World Vision Lesotho National Director James Chifwelu echoed the Queen’s sentiments saying menstruation is “no longer a shame or a stigma but a catalyst for a positive change”.

The National Director said in partnership with the government, World Vision continues to provide access to clean water and sanitation to learners in Lesotho across the seven districts.

“We understand that water is a very critical item or need that is required for a girl child to meet their need during this critical period of menstruation. Therefore, through our water and sanitation programme we will be digging boreholes and establishing grid of solar-powered piped water and rehabilitating non-functional water sources to ensure that the girls can access water during their critical periods [menstruation periods].

“We have set up hygiene and gender segregated friendly latrines in schools to ensure that we are inclusive for people with disabilities and girls. In our partnerships with communities, we have been ensuring that the communities take into their own hands the issues of water and sanitation. We must continue to build upon achievements and address the remaining challenges” he said.

He said they are committed to meet the most marginalized communities and ensure that “no one is left behind.”

Chifwelu added: “We must advocate for the inclusion of menstrual hygiene management in public and health policies so that it receives the attention and resources it deserves.”

He appealed for recommitment to the course, thanking the Queen, government and their stakeholders for their “unwavering support”.

It is in this event that the World Vision distributed sanitary kits to the students of Pitseng Primary School and Khethisa High School.

Appreciating the gesture, Pitseng Primary School Principal ‘Matsebo Khotlolo said lack of access to ablution facilities and portable water would impact negatively wherein this would affect school-community relations as students would relieve themselves in the fields of members of the community.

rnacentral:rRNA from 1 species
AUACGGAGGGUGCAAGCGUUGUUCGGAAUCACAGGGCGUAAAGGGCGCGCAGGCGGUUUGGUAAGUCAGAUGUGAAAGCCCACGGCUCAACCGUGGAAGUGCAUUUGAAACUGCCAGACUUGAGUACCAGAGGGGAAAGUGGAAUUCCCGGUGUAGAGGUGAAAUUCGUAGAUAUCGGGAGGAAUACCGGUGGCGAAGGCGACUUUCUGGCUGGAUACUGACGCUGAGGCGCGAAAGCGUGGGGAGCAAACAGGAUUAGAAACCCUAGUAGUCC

She said her students would also be expelled at the community well, and this in turn drove students to draw water in the nearby houses. She said these problems were exacerbated during the COVID-19 period where many students would bunk classes’ at an alarming rate especially menstruating girls.

The Principal thanked the World Vision for providing menstruation kits to their students, constructing the toilets for their schools and portable water, saying it should also lend a helping hand to other schools.

She said now their students manage their menstruation cycle in a dignified and healthy way.

For his part, Minister of Education and Training Prof Ntoi Rapapa urged the boys to support the girls during their menstruation periods.

He said the Ministry in concert with World Vision and the United Nations Children’s Fund (UNICEF) are in the process of mounting the students’ friendly policy.

Prof Rapapa said the Cabinet had agreed that from next year, there will be funds allocated for the provision of free sanitary pads promising to support the Queen’s efforts in addressing the period poverty.

Water, sanitation and hygiene (WASH) facilities are required to enable a girl child to effectively manage their menstruation and this is in line with the goal six of sustainable development goals (SDGs) that calls for access to water and sanitation.

World Vision said “we believe menstrual hygiene is about more than just access to sanitary pads and appropriate toiles, though those are important. It is also about ensuring women and girls live in an environment that values and supports their ability to manage their menstruation with dignity”.